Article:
Dorothy Height, Civil Rights Activist, Dies at 98


FILE - In this March 14, 2008 file photo, Dorothy Irene Height, who served as President of the National Council of Negro Women for 40 years until 1997, sits in front of her featured story board inside the "Freedom's Sisters" exhibition at the Cincinnati Museum Center in Cincinnati. Height, who as longtime president of the National Council of Negro Women was the leading female voice of the 1960s civil rights movement, died Tuesday, April 20, 2010. She was 98. (AP Photo/David Kohl)

By Abhinav Venkat

UJW Staff

WASHINGTON – Dorothy Irene Height, a central figure of the American civil rights movement who promoted feminism and racial equality in her battle against social inequality, died April 20, at Howard University Hospital after a prolonged illness.

She was 98.

Height led the National Council of Negro Women from 1957 to 1997, fighting for women’s rights and equality in education and pay. Involved in every major civil rights milestone, from the 1963 March on Washington to the 2008 election of President Barack Obama, Height has been an informal advisor to presidents since Franklin Delano Roosevelt.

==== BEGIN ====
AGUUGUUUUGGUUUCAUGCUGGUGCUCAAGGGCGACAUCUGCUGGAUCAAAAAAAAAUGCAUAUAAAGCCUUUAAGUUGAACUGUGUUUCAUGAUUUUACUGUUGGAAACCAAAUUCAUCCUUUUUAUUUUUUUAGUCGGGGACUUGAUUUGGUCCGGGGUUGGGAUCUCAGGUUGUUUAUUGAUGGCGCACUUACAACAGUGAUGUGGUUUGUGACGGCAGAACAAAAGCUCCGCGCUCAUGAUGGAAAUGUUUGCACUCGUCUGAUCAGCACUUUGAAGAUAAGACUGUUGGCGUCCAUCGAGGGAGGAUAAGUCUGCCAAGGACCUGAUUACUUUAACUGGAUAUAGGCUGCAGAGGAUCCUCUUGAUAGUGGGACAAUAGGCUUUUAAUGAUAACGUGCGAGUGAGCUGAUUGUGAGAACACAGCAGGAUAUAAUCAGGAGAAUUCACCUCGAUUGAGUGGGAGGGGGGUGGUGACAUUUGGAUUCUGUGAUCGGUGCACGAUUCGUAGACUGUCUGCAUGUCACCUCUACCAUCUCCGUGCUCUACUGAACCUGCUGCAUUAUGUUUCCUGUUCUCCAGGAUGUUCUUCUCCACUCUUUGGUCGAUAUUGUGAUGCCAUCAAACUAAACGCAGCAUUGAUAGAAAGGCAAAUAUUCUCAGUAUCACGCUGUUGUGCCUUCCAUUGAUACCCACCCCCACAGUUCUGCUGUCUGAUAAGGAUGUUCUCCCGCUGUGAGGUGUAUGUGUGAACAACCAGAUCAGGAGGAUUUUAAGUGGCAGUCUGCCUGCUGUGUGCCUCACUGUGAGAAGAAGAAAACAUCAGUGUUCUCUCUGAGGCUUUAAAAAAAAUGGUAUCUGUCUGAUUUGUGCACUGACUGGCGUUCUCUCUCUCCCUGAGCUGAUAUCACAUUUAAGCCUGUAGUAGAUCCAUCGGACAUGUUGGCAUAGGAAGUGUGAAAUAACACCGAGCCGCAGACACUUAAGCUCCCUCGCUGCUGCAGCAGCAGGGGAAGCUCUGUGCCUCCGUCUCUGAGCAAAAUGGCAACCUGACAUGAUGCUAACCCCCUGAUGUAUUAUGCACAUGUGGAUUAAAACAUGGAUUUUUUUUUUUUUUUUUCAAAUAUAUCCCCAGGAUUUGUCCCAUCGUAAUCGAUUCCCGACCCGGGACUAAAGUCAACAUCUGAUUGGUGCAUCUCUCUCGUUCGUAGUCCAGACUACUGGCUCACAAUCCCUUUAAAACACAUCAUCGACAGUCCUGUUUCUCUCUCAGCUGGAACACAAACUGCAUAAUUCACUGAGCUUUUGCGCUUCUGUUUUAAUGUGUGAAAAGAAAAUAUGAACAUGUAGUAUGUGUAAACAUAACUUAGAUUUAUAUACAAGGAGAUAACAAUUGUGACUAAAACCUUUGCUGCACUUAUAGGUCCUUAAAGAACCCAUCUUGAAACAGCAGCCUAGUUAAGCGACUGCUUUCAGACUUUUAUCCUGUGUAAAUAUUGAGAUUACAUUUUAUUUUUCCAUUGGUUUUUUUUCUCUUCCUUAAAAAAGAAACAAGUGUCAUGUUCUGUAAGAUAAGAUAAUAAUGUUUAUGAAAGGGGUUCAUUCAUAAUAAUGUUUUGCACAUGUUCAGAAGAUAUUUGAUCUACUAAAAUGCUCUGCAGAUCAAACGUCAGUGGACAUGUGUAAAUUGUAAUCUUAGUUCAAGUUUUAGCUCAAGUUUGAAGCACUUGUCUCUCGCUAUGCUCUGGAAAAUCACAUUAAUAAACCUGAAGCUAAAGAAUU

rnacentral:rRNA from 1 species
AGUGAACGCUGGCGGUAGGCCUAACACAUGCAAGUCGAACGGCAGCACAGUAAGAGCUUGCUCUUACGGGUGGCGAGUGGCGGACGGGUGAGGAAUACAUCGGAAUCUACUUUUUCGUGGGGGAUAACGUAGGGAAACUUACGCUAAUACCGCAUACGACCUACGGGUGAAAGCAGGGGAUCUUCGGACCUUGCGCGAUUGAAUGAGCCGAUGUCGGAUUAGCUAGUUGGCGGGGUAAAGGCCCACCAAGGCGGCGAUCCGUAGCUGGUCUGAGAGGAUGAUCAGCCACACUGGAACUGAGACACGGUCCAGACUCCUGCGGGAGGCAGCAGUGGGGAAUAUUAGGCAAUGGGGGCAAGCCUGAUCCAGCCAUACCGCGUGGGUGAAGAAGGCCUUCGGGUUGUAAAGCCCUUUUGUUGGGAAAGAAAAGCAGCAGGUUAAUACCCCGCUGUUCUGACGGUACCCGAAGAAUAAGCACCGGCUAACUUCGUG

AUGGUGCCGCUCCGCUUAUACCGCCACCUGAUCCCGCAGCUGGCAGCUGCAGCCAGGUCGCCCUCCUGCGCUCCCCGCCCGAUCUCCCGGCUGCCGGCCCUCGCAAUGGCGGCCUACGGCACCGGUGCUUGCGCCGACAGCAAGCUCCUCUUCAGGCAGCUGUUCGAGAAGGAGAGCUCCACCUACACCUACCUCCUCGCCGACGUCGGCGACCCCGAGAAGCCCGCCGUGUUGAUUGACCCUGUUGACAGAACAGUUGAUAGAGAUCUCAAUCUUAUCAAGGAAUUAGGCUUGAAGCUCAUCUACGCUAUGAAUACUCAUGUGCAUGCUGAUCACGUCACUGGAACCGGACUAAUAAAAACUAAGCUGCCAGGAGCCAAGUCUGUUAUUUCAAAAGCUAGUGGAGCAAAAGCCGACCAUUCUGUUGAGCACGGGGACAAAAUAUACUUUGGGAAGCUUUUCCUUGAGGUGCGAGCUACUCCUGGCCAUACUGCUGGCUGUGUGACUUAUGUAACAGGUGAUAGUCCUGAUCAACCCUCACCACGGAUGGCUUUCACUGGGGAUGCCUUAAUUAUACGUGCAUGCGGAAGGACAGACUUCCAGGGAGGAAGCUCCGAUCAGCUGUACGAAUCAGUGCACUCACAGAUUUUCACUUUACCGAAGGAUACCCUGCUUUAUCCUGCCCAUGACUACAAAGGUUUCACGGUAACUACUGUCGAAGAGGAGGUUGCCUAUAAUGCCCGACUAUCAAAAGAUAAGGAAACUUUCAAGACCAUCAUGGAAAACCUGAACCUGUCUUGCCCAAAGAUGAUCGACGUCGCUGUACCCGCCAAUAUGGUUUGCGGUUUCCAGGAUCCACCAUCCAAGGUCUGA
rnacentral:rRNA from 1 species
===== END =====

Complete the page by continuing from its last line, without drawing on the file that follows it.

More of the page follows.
“And even in the final weeks of her life – a time when anyone else would have enjoyed their well-earned rest – Dr. Height continued her fight to make our nation a more open and inclusive place for people of every race, gender, background and faith,” Obama said in a statement.

Height’s activism began in her teenage years, when she protested lynching and the segregation in the armed forces.  Often, as the only woman at the table with the Rev. Dr. Martin Luther King Jr., and other civil rights and national political figures, she reminded men not to underestimate the abilities of women to contribute to reform.  

“Dorothy Height deserves credit for helping black women understand that you had to be feminist at the same time you were African-American . . . that you had to play more than one role in the empowerment of black people,” Del. Eleanor Holmes Norton (Del. D.C.), once said about Height. 

While not as universally recognized as King or Thurgood Marshall, the first African-American appointed to the U.S. Supreme Court, Height is one of the few Americans who have been awarded both the Presidential Medal of Freedom and the Congressional Gold Medal.

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